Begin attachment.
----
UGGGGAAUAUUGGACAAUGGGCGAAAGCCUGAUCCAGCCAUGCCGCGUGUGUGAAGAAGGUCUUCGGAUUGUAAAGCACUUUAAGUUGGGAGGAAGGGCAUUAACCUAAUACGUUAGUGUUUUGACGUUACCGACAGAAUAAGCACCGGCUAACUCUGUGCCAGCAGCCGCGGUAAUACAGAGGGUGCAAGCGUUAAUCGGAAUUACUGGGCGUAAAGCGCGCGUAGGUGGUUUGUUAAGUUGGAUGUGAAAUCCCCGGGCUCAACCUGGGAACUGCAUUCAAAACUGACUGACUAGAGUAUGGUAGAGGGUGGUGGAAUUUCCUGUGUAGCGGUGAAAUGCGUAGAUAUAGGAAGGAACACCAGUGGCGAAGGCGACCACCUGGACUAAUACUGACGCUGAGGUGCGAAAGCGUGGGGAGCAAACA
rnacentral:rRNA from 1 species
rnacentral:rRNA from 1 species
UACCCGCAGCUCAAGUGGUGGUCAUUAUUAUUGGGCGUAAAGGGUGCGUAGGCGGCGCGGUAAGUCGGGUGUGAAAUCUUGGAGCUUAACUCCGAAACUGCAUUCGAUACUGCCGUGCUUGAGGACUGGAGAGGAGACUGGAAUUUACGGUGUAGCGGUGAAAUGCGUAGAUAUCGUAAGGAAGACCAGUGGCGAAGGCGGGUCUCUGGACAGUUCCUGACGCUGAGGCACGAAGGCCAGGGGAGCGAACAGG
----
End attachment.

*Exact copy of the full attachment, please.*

UGGGGAAUAUUGGACAAUGGGCGAAAGCCUGAUCCAGCCAUGCCGCGUGUGUGAAGAAGGUCUUCGGAUUGUAAAGCACUUUAAGUUGGGAGGAAGGGCAUUAACCUAAUACGUUAGUGUUUUGACGUUACCGACAGAAUAAGCACCGGCUAACUCUGUGCCAGCAGCCGCGGUAAUACAGAGGGUGCAAGCGUUAAUCGGAAUUACUGGGCGUAAAGCGCGCGUAGGUGGUUUGUUAAGUUGGAUGUGAAAUCCCCGGGCUCAACCUGGGAACUGCAUUCAAAACUGACUGACUAGAGUAUGGUAGAGGGUGGUGGAAUUUCCUGUGUAGCGGUGAAAUGCGUAGAUAUAGGAAGGAACACCAGUGGCGAAGGCGACCACCUGGACUAAUACUGACGCUGAGGUGCGAAAGCGUGGGGAGCAAACA
rnacentral:rRNA from 1 species
rnacentral:rRNA from 1 species
UACCCGCAGCUCAAGUGGUGGUCAUUAUUAUUGGGCGUAAAGGGUGCGUAGGCGGCGCGGUAAGUCGGGUGUGAAAUCUUGGAGCUUAACUCCGAAACUGCAUUCGAUACUGCCGUGCUUGAGGACUGGAGAGGAGACUGGAAUUUACGGUGUAGCGGUGAAAUGCGUAGAUAUCGUAAGGAAGACCAGUGGCGAAGGCGGGUCUCUGGACAGUUCCUGACGCUGAGGCACGAAGGCCAGGGGAGCGAACAGG